Landsat 8 EO Products

Raw Bands

Band 10

Resolution = 100 m/px

Bandwidth = 10.6-11.2 µm

Purpose = are in the thermal infrared, or TIR – they see heat. Instead of measuring the temperature of the air, like weather stations do, they report on the ground itself, which is often much hotter.

Band 11

Resolution = 100 m/px

Bandwidth = 11.5-12.5 µm

Purpose = are in the thermal infrared, or TIR – they see heat. Instead of measuring the temperature of the air, like weather stations do, they report on the ground itself, which is often much hotter.

Band B1

Resolution = 30 m/px

Bandwidth = 0.433–0.453 µm

Purpose = senses deep blues and violets. Blue light is hard to collect from space because it’s scattered easily by tiny bits of dust and water in the air, and even by air molecules themselves. This is one reason why very distant things (like mountains on the horizon) appear blueish, and why the sky is blue. Just as we see a lot of hazy blue when we look up at space on a sunny day, Landsat 8 sees the sky below it when it looks down at us through the same air. That part of the spectrum is hard to collect with enough sensitivity to be useful, and Band 1 is the only instrument of its kind producing open data at this resolution – one of many things that make this satellite special. It’s also called the coastal/aerosol band, after its two main uses: imaging shallow water, and tracking fine particles like dust and smoke. 

Available styles: Grayscale, Grayscale advanced, Blue/Red, Green/White Linear, Red Temperature, Reflectance, Landsat DN

Band B2

Resolution = 30 m/px

Bandwidth = 0.450–0.515 µm

Purpose = scattered by the atmosphere and illuminates material in shadows better than longer wavelengths; penetrates clear water better than other colors; absorbed by chlorophyll, so plants don’t show up very brightly in this band; useful for soil/vegetation discrimination, forest type mapping, and identifying man-made features. 

Available styles: Grayscale, Grayscale advanced, Blue/Red, Green/White Linear, Red Temperature, Reflectance, Landsat DN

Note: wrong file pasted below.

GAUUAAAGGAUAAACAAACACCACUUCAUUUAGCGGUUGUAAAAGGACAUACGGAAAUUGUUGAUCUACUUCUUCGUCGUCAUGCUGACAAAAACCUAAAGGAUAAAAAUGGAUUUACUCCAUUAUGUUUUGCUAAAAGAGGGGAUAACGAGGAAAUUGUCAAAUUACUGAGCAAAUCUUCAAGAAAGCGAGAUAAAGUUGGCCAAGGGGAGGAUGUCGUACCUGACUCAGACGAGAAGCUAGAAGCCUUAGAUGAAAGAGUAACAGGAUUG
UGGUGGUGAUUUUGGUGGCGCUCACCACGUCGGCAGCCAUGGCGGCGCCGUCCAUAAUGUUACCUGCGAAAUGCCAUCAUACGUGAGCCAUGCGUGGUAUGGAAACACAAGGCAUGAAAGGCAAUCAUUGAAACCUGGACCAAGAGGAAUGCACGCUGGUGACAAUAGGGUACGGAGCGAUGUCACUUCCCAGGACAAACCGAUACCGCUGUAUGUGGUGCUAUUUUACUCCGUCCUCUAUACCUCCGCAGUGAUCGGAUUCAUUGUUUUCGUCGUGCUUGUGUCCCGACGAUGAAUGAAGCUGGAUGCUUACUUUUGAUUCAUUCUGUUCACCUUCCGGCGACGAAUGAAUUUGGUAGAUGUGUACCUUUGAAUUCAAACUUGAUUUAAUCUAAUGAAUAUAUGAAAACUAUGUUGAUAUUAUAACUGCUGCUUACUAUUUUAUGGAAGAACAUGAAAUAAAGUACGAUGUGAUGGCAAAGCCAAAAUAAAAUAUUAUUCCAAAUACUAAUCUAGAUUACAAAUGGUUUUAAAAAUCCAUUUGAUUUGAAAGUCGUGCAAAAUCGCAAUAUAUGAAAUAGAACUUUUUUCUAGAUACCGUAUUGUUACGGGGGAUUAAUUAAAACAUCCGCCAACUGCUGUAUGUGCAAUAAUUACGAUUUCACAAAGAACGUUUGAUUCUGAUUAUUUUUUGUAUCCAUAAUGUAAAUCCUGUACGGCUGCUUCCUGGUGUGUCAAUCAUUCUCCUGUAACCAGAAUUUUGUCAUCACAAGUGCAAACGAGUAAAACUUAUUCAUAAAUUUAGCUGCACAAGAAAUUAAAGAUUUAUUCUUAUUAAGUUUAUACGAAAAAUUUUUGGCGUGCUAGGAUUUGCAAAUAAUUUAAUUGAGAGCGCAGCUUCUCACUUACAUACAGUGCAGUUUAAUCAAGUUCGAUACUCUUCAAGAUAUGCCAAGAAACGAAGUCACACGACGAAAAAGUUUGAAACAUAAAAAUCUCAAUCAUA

Band B3

Resolution = 30 m/px

Bandwidth = 0.525–0.600 µm

Purpose = penetrates clear water fairly well, gives excellent contrast between clear and turbid (muddy) water; helps find oil on the surface of water, and vegetation (plant life); reflects more green light than any other visible color; man-made features are still visible.

Available styles: Grayscale, Grayscale advanced, Blue/Red, Green/White Linear, Red Temperature, Reflectance, Landsat DN

Band B4

Resolution = 30 m/px

Bandwidth = 0.630–0.680 µm

Purpose = limited water penetration; reflects well from dead foliage, but not well from live foliage with chlorophyll; useful for identifying vegetation types, soils, and urban (city and town) features.

Available styles: Grayscale, Grayscale advanced, Blue/Red, Green/White Linear, Red Temperature, Reflectance, Landsat DN

Band B5

Resolution = 30 m/px

Bandwidth = 0.845–0.885 µm

Purpose = measures the near infrared, or NIR. This part of the spectrum is especially important for ecology because healthy plants reflect it – the water in their leaves scatters the wavelengths back into the sky. By comparing it with other bands, we get indexes like NDVI, which let us measure plant health more precisely than if we only looked at visible greenness.

Available styles: Grayscale, Grayscale advanced, Blue/Red, Green/White Linear, Red Temperature, Reflectance, Landsat DN

Band B6